A lot of discussion and ethical thought about self-driving cars have focused on tragic dilemmas, like hypotheticals in which a car has to decide whether to run over a group of schoolchildren or plunge off a cliff, killing its own occupants. But those sorts of situations are extreme cases.
As the most recent crash — in which a self-driving car killed a pedestrian in Tempe, Ariz. — demonstrates, the mundane, everyday situations at every crosswalk, turn, and intersection present much harder and broader ethical quandaries.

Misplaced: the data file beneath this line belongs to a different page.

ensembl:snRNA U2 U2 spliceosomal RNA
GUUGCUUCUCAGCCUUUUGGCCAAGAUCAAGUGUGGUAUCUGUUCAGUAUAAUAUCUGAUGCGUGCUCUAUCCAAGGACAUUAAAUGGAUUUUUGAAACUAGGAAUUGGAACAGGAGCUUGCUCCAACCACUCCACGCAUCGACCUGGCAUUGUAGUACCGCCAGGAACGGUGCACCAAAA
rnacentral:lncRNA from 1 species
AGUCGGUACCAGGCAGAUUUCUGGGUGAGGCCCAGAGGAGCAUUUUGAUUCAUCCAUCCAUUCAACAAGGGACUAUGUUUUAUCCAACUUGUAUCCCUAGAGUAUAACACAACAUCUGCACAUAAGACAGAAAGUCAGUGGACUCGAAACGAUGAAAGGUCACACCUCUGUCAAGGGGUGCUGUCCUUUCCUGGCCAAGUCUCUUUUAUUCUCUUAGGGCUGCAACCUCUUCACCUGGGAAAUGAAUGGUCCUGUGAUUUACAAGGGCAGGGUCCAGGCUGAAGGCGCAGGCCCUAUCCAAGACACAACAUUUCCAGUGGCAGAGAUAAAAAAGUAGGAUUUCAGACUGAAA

The initial challenge of driverless cars is designing machines that drive more competently than humans. But the heavier lift is for society to decide how a machine should make the many routine ethical decisions that arise when a car is in motion.
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